With nearly 4000 votes cast for readers' favorites from 2011, the results are in! Thanks to all who voted. Each of these winners garnered the most votes in its respective
With nearly 4000 votes cast for readers’ favorites from 2011, the results are in! Thanks to all who voted. Each of these winners garnered the most votes in its respective category. Enjoy this compilation of the Best of 2011. We look forward to bringing you more of the most interesting people, places, and stories in North Carolina in 2012.
Tell us what you think about the Best of 2011 in the comments section at the bottom of the page.
Our August issue was devoted to “Our Southern Summer” and it doesn’t get much more Southern than lightening bugs in a jar. With stories about Spanish moss, trains, tomato sandwiches, hammocks, and moonshine, the issue – and the cover image chosen to represent it – paid homage to the things we love most about the South in the summertime.
More than books, more than oral history, cemeteries provide an actual place for the past. In the Coastal Plain of North Carolina, grave markers symbolize the lives of some of our earliest settlers. And the designs and sizes of those markers can offer glimpses into a person’s religious beliefs, economic status, or family history. They are logs of time, and they are pieces of art. Four cemeteries in Tarboro, Beaufort, Bath, and Wilmington have arranged them all in plots of spacious land filled with plants and trees, giving the art a canvas and the stones a setting and past a place. Photography by Geoff Wood. Written by Michael Graff.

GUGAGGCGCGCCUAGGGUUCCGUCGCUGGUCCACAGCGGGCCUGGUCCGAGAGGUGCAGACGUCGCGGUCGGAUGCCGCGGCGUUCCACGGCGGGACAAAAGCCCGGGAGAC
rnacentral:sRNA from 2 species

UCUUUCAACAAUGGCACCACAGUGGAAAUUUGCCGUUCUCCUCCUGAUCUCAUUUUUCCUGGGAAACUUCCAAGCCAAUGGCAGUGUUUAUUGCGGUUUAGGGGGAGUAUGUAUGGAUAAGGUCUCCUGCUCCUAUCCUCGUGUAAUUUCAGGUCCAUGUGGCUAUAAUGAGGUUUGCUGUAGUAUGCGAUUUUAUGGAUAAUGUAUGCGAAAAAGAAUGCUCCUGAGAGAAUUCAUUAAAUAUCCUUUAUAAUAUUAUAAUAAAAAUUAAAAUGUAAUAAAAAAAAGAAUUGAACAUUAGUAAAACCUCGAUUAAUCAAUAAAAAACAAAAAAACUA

When he was a boy growing up in Sugar Grove, Robert Dotson took up flatfooting. Now 88, he still lives in the same High Country community, and he’s the master of an art form that requires his feet stay close to the ground. Read the full story. Meet Robert Dotson and see him perform in this exclusive video.
For Edith Lee Casey, writing down her recipes unleashed a flood of memories, which became the heart of a family cookbook. This simple recipe for Vidalia Onion Casserole comes from Casey’s book, Memories of Food, People, & Places.
With the release of his 10th novel, Night Train, Wilmington writer Clyde Edgerton shows us that everything in life has rhythm. Enjoy scenes from Edgerton’s performance and reading at Southeastern Community College in Whiteville, N.C. Read more about Edgerton and his new novel here.